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If you set patience=3 means that your training will stop after 3 epochs if it's not improving. with this callback, your model is not overfitting.
If your model is overfitting it only remembers training data and it fails on valid data. So try to reduce the model from overfitting.

  • Train a model
def train_model():
  # Fit the model,
            epochs= 100,
            validation_freq = 1,
            callbacks = [early_stopping])
  return model

model = train_model()
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here we see that after some epoch our training is stopped because of that callback we gave.

  • Making and evaluating prediction using a trained model.
predictions = model.predict(val_data, verbose=1)
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here we see that predictions give a probability of label into an array of two values. If you add them then the total sum is = 1.

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np.argmax takes an array and returns a new array with an integer value.If original value is [0.3, 0.7] then argmax return [0,1].

It means it returns 1 if its original value if is greater than 0.5

  • Saving a trained model.'model.h5')
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This will save our model. so we can use our model without retraining.

  • Predict on custom data.
def test_data(path):
  demo = imread(path)
  demo = tf.image.convert_image_dtype(demo,tf.float32)
  demo = tf.image.resize(demo,size=[224,224])
  demo = np.expand_dims(demo,axis=0)

  pred = model.predict(demo)
  result = unique_category[np.argmax(pred)]

  return result
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The above function is the same as we used to preprocess our image. additionally here we have to provide expand_dims which expands the dimension of our data. Because our model is trained with input shape = [32,224,224,3] and here we have only 1 image so we have to take our image which currently has [224,224,3] to convert to [1,224,224,3] same as our model input shape.

As of now, we have a train our CNN model and evaluating using valid data and test with some test data with a test path.

Now let's build a GUI using Tkinter so we can directly load our image and get back the result.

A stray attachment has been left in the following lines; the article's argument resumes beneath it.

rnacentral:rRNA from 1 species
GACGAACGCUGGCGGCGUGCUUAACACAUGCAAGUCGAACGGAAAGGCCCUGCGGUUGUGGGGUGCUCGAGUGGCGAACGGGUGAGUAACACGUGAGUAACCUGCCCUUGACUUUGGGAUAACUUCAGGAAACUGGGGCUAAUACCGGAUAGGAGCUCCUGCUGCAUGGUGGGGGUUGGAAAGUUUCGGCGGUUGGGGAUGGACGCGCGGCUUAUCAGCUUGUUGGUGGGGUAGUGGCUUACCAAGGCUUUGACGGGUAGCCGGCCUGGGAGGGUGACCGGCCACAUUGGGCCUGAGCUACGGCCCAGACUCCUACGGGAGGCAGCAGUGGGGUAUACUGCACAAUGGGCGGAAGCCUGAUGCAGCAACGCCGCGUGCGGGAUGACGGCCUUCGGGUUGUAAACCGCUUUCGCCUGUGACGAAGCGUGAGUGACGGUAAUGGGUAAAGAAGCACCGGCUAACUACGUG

3. Build a GUI using Tkinter.

Read more Tkinter


  • Create a python file
  • Import libraries
  • Import model
  • Init a Gui
  • Build a function to classify an image
  • Upload function
#import lib
import tkinter as tk
from tkinter import filedialog
from tkinter import *
from matplotlib.pyplot import imread
import tensorflow as tf
import tensorflow_hub as hub
import numpy as np
from PIL import ImageTk, Image

#import model
print('..........Start loading..........')

model = tf.keras.models.load_model('model.h5', custom_objects={
                                   "KerasLayer": hub.KerasLayer})

print('...........Model Loaded..........')

# dictionary to label all traffic signs class.
labels = ['Cat', 'Dog']

# initialise GUI
top = tk.Tk()
top.title('Dog_VS_Cat Classification')
label = Label(top, background='#CDCDCD', font=('arial', 15, 'bold'))
sign_image = Label(top)

#To classify an image
def classify(file_path):
    global label_packed
    image = imread(file_path)
    image = tf.image.convert_image_dtype(image, tf.float32)
    image = tf.image.resize(image, size=[224, 224])
    image = np.expand_dims(image, axis=0)
    pred = model.predict(image)
    sign = labels[np.argmax(pred)]
    label.configure(foreground='#011638', text=sign)

def show_classify_button(file_path):
    classify_b = Button(top, text="Classify Image",
                        command=lambda: classify(file_path),
                        padx=10, pady=5)
    classify_b.configure(background='#364156', foreground='white',
                         font=('arial', 10, 'bold')), rely=0.46)

#Upload image
def upload_image():
        file_path = filedialog.askopenfilename()
        uploaded =
        im = ImageTk.PhotoImage(uploaded)
        sign_image.image = im

upload = Button(top, text="Upload an image",
                command=upload_image, padx=10, pady=5)
upload.configure(background='#364156', foreground='white',
                 font=('arial', 10, 'bold'))
upload.pack(side=BOTTOM, pady=50)
sign_image.pack(side=BOTTOM, expand=True)
label.pack(side=BOTTOM, expand=True)
heading = Label(top, text="Image Classification",
                pady=20, font=('arial', 20, 'bold'))
heading.configure(background='#CDCDCD', foreground='#364156')

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Tkinter Demo

Now we have used our model in Gui it's time to make it public so everyone can use it.

For this, we have to build a web app that can get an image from the user's device and store it then predict using our model, and give the result back to the user's device.

Build a Flask app.